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Visiting an exhibition in person is a much richer experience than visiting online. Leave a comment to share your thoughts and impressions with others about Rembrandt and the Face of Jesus.

Aweeeeesomeeeeeeeeeeeeeeeeeeeeeeeeeeeeeeeeeeeeeeeeeeeeee

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Rafael - 10.15.2011 - 3:29 PM
Incredible experience.

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Jonathan - 10.15.2011 - 3:25 PM
Of da chain son!

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MobbDeep - 10.15.2011 - 2:55 PM
I was unaware that his role as a teacher was so important to understanding his place in the pantheon of visual art. So, i learned something today. Winning!

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unoClay - 10.15.2011 - 2:27 PM
The expressions on his face are where Rembrandt shines. His Christ is a man first and a god second.

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Nic - 10.15.2011 - 2:25 PM
Hes only a jewish zombie...

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Buddah - 10.15.2011 - 1:46 PM
i found the hallah picture was pretty horrifying

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dogman - 10.15.2011 - 1:46 PM
Amazing works of art I'm shocked by the imagination, attention to detail, and experimentation.

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Brittany - 10.15.2011 - 12:43 PM
I liked Rembrandts imagination

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Isabella - 10.15.2011 - 12:31 PM
i dont get it

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cassie - 10.14.2011 - 6:57 PM
Very mysterious... yet interesting n even touching at some point

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Alex - 10.14.2011 - 5:37 PM
Wonderful and interesting exhibition. Thank you!

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Sher - 10.14.2011 - 1:40 PM
So glad you put this on!

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Joanna - 10.14.2011 - 1:07 PM
This absolutely rocKed my world!!!!!!

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Ron Burgendy - 10.14.2011 - 12:14 PM
rembrandt u do the ish

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willis - 10.14.2011 - 12:00 PM
this exibit is crazzzziiiii!!!! i love this stuff mannn

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big mik - 10.14.2011 - 11:47 AM
It made me laugh that Rembrandt added a dog to the Last Supper.

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Anonymous - 10.13.2011 - 4:57 PM
i love jesus!

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Anonymous - 10.13.2011 - 4:49 PM
I truly enjoyed a close-up of the artistry, but, was often distracted and even annoyed by the somewhat cluelessness of the of the commentaries provided via the headsets, particularly, when the notes did not match what I was seeing with my eye, for example, telling me that the young boy is likely making notes of the teaching that Jesus is presenting, when, as a rabbi (which in Hebrew means "teacher), I know full well that young people at the outer edge of the circle are rarely noticing or committing to memory or iPhone a record of what's being taught, or, telling the viewer that the artist had reached back thousands of years in an effort to surround his Jesus with realia by depicting the breaking/sharing of bread with specifically braided "challah" bread, which he'd observed among the Ashkenazic Jews, something that any historian of food culture knows is anachronistic, or, at the very end of my tour, conveying to me that the Jesus portrayed is warm or compassionate when I can see that his face and body language is indeed not, but, rather, the painting of the guy in the neighborhood is a painting of someone who is engaged and engaging and has something to say and would care about what his fellow human beings' experience is and what they're feeling. ... The bottom line -- the punchline is that I feel that the commentary is flawed because they make the same mistake that so many artists prior made, simply repeating what is expected: that's annoying and, potentially dangerous, because, people, being people, will defer to experts rather than to their own eyes. I think the last two large portraits are, if you will, a test, an emotional test presented by the artist: Do you know which the real JC is, that is, can you sense which figure truly has and mirrors the Divine Light. If you say the one depicted as Jesus, albeit a much more "humane/human" realistic Jesus than prior images, you're misguided; you missed the one among us, who although doesn't possess the "clues/trappings/cues" of the Christ has that light in the eye and directs his gaze directly upon and toward you. The commentators failed the task and would do well to take off their credentials and look directly at and see what's presented.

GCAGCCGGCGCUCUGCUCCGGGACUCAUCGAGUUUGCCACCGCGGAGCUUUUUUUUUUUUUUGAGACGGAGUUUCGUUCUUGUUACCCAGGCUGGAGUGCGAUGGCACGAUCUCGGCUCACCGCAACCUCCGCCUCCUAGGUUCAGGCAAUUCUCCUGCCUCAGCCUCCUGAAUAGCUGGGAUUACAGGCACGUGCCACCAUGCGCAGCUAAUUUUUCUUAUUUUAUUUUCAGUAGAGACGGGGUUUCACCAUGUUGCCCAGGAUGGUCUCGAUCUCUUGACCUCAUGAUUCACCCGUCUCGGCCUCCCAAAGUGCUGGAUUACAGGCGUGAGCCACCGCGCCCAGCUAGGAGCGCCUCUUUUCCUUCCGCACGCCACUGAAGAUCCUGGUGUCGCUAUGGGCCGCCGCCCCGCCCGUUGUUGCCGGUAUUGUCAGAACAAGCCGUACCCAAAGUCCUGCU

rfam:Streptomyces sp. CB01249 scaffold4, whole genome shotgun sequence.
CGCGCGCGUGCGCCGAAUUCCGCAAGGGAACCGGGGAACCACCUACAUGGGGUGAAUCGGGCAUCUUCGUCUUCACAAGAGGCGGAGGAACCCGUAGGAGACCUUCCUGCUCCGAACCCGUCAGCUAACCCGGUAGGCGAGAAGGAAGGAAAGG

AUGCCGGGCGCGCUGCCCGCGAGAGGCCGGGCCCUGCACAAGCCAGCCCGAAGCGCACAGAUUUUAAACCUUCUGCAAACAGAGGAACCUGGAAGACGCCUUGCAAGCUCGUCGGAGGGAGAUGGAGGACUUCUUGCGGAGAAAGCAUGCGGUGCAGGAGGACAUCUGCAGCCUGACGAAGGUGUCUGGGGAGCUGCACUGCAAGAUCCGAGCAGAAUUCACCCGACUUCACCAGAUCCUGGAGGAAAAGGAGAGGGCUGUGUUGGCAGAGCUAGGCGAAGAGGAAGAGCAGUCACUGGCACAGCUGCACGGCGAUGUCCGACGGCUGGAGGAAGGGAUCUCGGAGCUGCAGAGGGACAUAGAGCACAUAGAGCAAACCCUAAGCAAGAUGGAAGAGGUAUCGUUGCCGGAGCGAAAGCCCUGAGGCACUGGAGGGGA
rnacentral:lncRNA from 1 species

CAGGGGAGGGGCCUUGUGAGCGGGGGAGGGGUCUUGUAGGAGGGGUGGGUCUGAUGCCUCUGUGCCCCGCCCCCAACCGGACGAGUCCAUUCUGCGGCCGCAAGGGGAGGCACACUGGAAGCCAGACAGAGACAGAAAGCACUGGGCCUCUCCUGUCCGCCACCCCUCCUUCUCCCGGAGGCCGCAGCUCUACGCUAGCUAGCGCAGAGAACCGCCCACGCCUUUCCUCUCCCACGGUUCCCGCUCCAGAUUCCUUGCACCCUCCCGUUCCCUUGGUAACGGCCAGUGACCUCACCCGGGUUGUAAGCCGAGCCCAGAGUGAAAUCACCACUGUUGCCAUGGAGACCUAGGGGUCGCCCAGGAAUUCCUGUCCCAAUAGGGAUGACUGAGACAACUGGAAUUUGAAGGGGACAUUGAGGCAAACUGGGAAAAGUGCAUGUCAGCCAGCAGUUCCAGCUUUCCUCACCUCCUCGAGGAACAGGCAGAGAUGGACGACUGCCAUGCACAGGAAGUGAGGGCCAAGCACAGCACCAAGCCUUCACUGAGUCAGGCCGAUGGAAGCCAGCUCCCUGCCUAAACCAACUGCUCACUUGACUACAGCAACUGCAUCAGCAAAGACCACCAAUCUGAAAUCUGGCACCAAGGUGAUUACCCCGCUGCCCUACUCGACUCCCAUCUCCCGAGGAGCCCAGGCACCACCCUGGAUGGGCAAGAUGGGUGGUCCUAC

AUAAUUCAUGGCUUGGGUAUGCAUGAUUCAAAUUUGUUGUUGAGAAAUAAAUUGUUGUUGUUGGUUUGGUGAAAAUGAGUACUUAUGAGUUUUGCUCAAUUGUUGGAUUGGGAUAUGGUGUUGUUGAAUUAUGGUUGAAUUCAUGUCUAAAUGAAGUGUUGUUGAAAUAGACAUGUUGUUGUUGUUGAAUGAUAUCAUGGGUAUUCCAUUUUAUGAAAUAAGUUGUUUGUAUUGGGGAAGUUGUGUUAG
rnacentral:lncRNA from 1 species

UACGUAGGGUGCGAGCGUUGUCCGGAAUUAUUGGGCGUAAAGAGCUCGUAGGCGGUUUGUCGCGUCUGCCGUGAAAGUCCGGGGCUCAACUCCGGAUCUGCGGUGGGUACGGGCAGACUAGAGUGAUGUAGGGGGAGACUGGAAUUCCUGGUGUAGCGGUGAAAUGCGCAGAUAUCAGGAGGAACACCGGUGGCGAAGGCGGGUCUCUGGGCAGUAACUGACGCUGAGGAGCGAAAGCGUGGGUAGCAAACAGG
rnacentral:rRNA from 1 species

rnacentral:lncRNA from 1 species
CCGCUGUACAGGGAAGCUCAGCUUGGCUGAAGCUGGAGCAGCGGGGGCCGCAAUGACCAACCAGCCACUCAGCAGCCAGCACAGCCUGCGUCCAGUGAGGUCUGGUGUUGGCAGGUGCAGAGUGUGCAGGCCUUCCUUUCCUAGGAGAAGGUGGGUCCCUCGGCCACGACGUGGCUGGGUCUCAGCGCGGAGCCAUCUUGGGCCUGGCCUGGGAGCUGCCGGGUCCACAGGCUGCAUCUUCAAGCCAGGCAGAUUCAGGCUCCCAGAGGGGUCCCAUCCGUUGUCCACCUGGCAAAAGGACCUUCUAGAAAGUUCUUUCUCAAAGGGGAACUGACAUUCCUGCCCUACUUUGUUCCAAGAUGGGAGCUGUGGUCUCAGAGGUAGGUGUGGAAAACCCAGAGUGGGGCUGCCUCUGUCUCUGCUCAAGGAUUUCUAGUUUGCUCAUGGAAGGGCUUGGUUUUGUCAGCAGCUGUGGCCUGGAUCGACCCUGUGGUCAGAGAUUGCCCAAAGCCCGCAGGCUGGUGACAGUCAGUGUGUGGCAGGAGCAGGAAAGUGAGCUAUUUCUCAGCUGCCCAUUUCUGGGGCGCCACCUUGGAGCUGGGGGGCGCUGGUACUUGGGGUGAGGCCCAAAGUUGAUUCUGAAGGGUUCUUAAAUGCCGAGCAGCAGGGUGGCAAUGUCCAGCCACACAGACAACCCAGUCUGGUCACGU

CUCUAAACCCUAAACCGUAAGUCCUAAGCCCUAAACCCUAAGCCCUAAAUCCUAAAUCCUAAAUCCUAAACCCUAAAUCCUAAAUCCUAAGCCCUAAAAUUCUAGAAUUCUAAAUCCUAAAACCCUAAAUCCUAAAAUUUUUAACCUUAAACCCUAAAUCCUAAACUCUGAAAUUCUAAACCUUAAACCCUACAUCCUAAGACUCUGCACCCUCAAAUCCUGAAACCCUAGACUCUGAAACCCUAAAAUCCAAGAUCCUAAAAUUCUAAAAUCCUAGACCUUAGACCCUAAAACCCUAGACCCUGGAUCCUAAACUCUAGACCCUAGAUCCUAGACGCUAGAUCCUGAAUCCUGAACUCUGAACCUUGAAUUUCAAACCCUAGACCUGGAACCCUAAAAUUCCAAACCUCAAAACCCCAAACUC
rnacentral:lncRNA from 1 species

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Rabbi Claire Green - 10.13.2011 - 4:30 PM
Way to go, Rembrandt .... you are the master!

Posted from the Gallery
KaKa - 10.13.2011 - 3:02 PM

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